In The Middle, fall is a time for corn mazes, football booster clubs and, of course, the Birchwood Avenue block party. The biggest event of the block party is always the Birchwood 500, a three-lap race around the block on a riding mower. You’ve probably seen highlights on ESPN. But the block party is still a week away. And a lot can happen in a week when it comes to Frankie Heck and family.
The school counselor is concerned because Brick has a hard time making friends. Mike thinks sports would be a good way to help his boy socialize and Brick says he likes basketball. Time to hit the hardwood. Brick is a natural on the basketball court. A natural disaster. He doesn’t dribble. He doesn’t shoot. He doesn’t pass. What Brick does do is take a seat in the stands (during the game) to ask Mike if he can take him to a book signing.
Mike hastily promises to take Brick to the book-signing as long as he gets back to the game. When Mike orders Brick to take his hands out of his pockets, he sees that his son is clutching ketchup packets. They’re his security condiments. They soothe him. Brick later tells his dad that he said he likes basketball because he likes all words with three syllables, like pineapple...hypnotize...lacerate... Well, you get the idea.
Mike decides to work on something he understands: the lawn mower. He has to get it ready for the Birchwood 500, as he has a bet with a neighbor. The loser has to mow the winner’s lawn for an entire year. Sadly, Mike doesn’t understand the lawn mower any more than he understands his youngest son. But when Brick rattles off the instruction manual, Mike is more than a little impressed by Brick’s photographic memory.
School tennis tryouts are next week and Sue is very excited. She’s a longshot to make the team, but our girl Sue has a solid shot at becoming a ball girl. She practices around the house by swooping in whenever an orange accidentally rolls out of the refrigerator. It happens more often than you’d think.
At a booster function, the football team is honoring the moms who helped raise the funds to get them new uniforms. As a token of gratitude, each player gives his old jersey to his mom. Except for Axl. He gives his jersey to a hot cheerleader. Frankie is crushed by her son’s insensitivity, but promises silently not to cry until she gets to the car.
Back home, Frankie discovers that Sue didn’t get the ball girl gig and the hot cheerleader isn’t into Axl. Frankie is bummed by Sue’s news but happy to hear she might be getting Axl’s old jersey after all. But he still can’t see how much it would mean to her.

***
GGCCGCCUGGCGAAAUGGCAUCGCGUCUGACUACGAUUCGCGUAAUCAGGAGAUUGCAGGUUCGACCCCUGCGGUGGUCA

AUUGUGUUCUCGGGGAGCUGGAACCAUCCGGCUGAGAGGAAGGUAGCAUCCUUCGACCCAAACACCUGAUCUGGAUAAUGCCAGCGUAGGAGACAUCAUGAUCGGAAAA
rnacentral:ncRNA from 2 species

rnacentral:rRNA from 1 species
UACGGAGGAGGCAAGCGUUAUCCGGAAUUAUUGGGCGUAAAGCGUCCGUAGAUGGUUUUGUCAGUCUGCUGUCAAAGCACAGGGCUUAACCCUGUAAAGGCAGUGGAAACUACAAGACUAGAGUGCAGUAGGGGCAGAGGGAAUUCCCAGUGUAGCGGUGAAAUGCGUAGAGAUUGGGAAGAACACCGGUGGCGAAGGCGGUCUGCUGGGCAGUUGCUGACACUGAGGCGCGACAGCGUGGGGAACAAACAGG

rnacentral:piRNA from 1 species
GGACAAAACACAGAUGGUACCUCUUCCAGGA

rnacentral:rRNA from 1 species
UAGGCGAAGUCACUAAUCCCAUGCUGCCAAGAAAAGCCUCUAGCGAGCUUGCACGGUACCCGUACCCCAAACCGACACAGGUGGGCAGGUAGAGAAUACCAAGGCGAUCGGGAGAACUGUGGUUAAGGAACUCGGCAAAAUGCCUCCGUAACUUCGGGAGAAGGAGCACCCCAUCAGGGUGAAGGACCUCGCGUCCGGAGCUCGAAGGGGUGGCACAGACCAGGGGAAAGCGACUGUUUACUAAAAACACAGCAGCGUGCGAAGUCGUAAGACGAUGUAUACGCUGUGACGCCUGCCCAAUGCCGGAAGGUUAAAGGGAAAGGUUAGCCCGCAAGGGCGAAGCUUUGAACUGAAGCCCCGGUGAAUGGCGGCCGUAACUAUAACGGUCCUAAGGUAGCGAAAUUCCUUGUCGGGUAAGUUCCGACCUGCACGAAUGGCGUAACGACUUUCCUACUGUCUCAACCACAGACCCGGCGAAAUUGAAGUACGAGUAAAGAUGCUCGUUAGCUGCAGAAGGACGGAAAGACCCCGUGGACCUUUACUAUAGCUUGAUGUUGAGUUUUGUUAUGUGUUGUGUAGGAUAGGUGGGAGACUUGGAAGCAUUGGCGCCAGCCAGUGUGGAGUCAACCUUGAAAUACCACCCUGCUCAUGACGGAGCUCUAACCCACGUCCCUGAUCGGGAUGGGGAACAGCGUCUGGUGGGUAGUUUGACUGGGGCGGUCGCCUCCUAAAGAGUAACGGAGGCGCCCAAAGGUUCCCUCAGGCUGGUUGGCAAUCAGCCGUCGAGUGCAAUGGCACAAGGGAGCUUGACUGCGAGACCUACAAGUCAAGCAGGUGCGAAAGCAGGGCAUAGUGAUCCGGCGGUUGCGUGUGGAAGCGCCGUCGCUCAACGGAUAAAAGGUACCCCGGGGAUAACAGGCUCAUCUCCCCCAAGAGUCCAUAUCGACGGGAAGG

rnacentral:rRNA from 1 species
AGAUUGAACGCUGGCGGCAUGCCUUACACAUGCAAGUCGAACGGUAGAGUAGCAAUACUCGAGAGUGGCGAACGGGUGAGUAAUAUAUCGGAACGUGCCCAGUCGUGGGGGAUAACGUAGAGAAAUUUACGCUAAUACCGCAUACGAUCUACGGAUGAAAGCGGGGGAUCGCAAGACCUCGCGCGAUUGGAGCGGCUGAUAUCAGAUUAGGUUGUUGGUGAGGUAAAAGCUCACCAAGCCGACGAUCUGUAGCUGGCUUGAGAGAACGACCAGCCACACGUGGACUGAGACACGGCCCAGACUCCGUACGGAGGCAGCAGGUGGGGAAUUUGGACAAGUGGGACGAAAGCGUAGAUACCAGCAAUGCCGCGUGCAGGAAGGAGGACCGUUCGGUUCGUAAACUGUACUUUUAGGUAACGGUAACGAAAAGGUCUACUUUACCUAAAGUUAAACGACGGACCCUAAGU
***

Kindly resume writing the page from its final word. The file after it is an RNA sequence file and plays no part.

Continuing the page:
The day of the block party arrives. Frankie is upset when she sees some other moms wearing those old football jerseys. She sees the hot cheerleader who dissed Axl and tells her she wants that jersey. But the cheerleader says Axl already took it back because he wanted to give it to someone else. There’s still hope!
Axl tells his mom that he already gave it to another girl. Frankie is livid until she finds out that the girl he gave it to was Sue. He felt bad that she didn’t make ball girl. This makes Frankie so happy. Her oldest son really is a sweet kid who’s merely hiding in the shell of a hideous teenager.
Mike regales the neighbors with the story of how Brick helped him repair the lawn mower. Brick impresses everyone by quoting the instructions word for word whenever anyone yells out a page number. In the final laps of the Birchwood 500, Mike leads all other lawn mower riders until Brick steps into the middle of the street to remind him that it’s time to go to that book signing.
Mike doesn’t want to lose the race. Brick dejectedly walks over to the curb and Mike catches him pulling out a handful of comfort condiments. With that, Mike pops the mower in reverse and plops Brick on his lap. Father and son head off to the bookstore in style, taking a shortcut across their neighbor’s from lawn. After all, Mike’s going to have to mow it now anyway.